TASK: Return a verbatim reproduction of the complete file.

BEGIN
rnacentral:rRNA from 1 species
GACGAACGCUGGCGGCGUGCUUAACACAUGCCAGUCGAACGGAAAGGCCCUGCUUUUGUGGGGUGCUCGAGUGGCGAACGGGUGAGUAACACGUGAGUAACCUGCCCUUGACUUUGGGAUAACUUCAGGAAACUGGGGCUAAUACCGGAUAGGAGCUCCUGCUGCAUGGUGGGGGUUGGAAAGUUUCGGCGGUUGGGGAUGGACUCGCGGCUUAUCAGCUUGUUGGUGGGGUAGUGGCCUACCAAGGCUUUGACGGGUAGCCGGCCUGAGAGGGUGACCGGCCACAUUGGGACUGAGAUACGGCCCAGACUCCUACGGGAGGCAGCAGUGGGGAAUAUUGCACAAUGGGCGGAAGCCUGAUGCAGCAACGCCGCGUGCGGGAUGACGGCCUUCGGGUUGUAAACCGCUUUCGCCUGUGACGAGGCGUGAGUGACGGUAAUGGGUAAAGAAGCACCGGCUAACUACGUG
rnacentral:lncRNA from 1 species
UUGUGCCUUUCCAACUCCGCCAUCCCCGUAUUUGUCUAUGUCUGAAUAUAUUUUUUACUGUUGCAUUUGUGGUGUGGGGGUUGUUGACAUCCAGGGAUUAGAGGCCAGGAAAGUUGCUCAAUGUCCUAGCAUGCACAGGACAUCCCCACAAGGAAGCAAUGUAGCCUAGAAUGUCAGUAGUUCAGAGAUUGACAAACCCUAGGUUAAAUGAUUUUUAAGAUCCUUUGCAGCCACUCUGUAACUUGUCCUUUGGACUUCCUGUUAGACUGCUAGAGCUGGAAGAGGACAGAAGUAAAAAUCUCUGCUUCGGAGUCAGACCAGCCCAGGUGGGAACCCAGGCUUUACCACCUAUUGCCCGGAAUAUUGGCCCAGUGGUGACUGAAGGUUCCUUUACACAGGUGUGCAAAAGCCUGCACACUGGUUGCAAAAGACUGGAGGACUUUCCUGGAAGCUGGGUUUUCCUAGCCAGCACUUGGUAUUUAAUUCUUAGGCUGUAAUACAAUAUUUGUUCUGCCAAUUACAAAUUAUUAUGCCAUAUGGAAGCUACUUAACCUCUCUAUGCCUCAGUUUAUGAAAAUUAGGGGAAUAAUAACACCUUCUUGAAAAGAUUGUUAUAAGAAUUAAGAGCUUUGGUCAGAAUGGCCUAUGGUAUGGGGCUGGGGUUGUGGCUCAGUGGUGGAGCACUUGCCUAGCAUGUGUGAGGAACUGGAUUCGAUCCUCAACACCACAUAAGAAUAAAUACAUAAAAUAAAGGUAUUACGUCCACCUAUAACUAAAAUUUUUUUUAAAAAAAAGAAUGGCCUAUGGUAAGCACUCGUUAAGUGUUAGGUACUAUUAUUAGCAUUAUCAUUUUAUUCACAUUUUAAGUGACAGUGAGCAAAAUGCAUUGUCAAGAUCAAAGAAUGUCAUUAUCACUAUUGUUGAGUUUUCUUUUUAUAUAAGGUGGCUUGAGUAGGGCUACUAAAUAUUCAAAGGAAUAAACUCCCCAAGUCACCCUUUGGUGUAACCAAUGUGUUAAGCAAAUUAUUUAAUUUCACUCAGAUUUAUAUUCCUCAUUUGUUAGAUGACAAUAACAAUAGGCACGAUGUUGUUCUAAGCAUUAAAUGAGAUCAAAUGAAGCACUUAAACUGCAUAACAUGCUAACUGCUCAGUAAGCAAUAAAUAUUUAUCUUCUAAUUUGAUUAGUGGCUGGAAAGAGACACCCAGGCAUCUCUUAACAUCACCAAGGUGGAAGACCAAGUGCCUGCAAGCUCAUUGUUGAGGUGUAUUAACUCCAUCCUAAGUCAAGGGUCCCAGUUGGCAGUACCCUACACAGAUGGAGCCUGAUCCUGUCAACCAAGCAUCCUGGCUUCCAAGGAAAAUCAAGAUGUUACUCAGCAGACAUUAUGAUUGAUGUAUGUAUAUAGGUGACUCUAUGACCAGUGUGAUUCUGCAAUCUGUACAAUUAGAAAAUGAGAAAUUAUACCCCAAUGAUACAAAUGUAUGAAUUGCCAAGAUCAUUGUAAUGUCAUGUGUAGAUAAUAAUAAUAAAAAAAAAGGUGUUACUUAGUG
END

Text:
rnacentral:rRNA from 1 species
GACGAACGCUGGCGGCGUGCUUAACACAUGCCAGUCGAACGGAAAGGCCCUGCUUUUGUGGGGUGCUCGAGUGGCGAACGGGUGAGUAACACGUGAGUAACCUGCCCUUGACUUUGGGAUAACUUCAGGAAACUGGGGCUAAUACCGGAUAGGAGCUCCUGCUGCAUGGUGGGGGUUGGAAAGUUUCGGCGGUUGGGGAUGGACUCGCGGCUUAUCAGCUUGUUGGUGGGGUAGUGGCCUACCAAGGCUUUGACGGGUAGCCGGCCUGAGAGGGUGACCGGCCACAUUGGGACUGAGAUACGGCCCAGACUCCUACGGGAGGCAGCAGUGGGGAAUAUUGCACAAUGGGCGGAAGCCUGAUGCAGCAACGCCGCGUGCGGGAUGACGGCCUUCGGGUUGUAAACCGCUUUCGCCUGUGACGAGGCGUGAGUGACGGUAAUGGGUAAAGAAGCACCGGCUAACUACGUG
rnacentral:lncRNA from 1 species
UUGUGCCUUUCCAACUCCGCCAUCCCCGUAUUUGUCUAUGUCUGAAUAUAUUUUUUACUGUUGCAUUUGUGGUGUGGGGGUUGUUGACAUCCAGGGAUUAGAGGCCAGGAAAGUUGCUCAAUGUCCUAGCAUGCACAGGACAUCCCCACAAGGAAGCAAUGUAGCCUAGAAUGUCAGUAGUUCAGAGAUUGACAAACCCUAGGUUAAAUGAUUUUUAAGAUCCUUUGCAGCCACUCUGUAACUUGUCCUUUGGACUUCCUGUUAGACUGCUAGAGCUGGAAGAGGACAGAAGUAAAAAUCUCUGCUUCGGAGUCAGACCAGCCCAGGUGGGAACCCAGGCUUUACCACCUAUUGCCCGGAAUAUUGGCCCAGUGGUGACUGAAGGUUCCUUUACACAGGUGUGCAAAAGCCUGCACACUGGUUGCAAAAGACUGGAGGACUUUCCUGGAAGCUGGGUUUUCCUAGCCAGCACUUGGUAUUUAAUUCUUAGGCUGUAAUACAAUAUUUGUUCUGCCAAUUACAAAUUAUUAUGCCAUAUGGAAGCUACUUAACCUCUCUAUGCCUCAGUUUAUGAAAAUUAGGGGAAUAAUAACACCUUCUUGAAAAGAUUGUUAUAAGAAUUAAGAGCUUUGGUCAGAAUGGCCUAUGGUAUGGGGCUGGGGUUGUGGCUCAGUGGUGGAGCACUUGCCUAGCAUGUGUGAGGAACUGGAUUCGAUCCUCAACACCACAUAAGAAUAAAUACAUAAAAUAAAGGUAUUACGUCCACCUAUAACUAAAAUUUUUUUUAAAAAAAAGAAUGGCCUAUGGUAAGCACUCGUUAAGUGUUAGGUACUAUUAUUAGCAUUAUCAUUUUAUUCACAUUUUAAGUGACAGUGAGCAAAAUGCAUUGUCAAGAUCAAAGAAUGUCAUUAUCACUAUUGUUGAGUUUUCUUUUUAUAUAAGGUGGCUUGAGUAGGGCUACUAAAUAUUCAAAGGAAUAAACUCCCCAAGUCACCCUUUGGUGUAACCAAUGUGUUAAGCAAAUUAUUUAAUUUCACUCAGAUUUAUAUUCCUCAUUUGUUAGAUGACAAUAACAAUAGGCACGAUGUUGUUCUAAGCAUUAAAUGAGAUCAAAUGAAGCACUUAAACUGCAUAACAUGCUAACUGCUCAGUAAGCAAUAAAUAUUUAUCUUCUAAUUUGAUUAGUGGCUGGAAAGAGACACCCAGGCAUCUCUUAACAUCACCAAGGUGGAAGACCAAGUGCCUGCAAGCUCAUUGUUGAGGUGUAUUAACUCCAUCCUAAGUCAAGGGUCCCAGUUGGCAGUACCCUACACAGAUGGAGCCUGAUCCUGUCAACCAAGCAUCCUGGCUUCCAAGGAAAAUCAAGAUGUUACUCAGCAGACAUUAUGAUUGAUGUAUGUAUAUAGGUGACUCUAUGACCAGUGUGAUUCUGCAAUCUGUACAAUUAGAAAAUGAGAAAUUAUACCCCAAUGAUACAAAUGUAUGAAUUGCCAAGAUCAUUGUAAUGUCAUGUGUAGAUAAUAAUAAUAAAAAAAAAGGUGUUACUUAGUG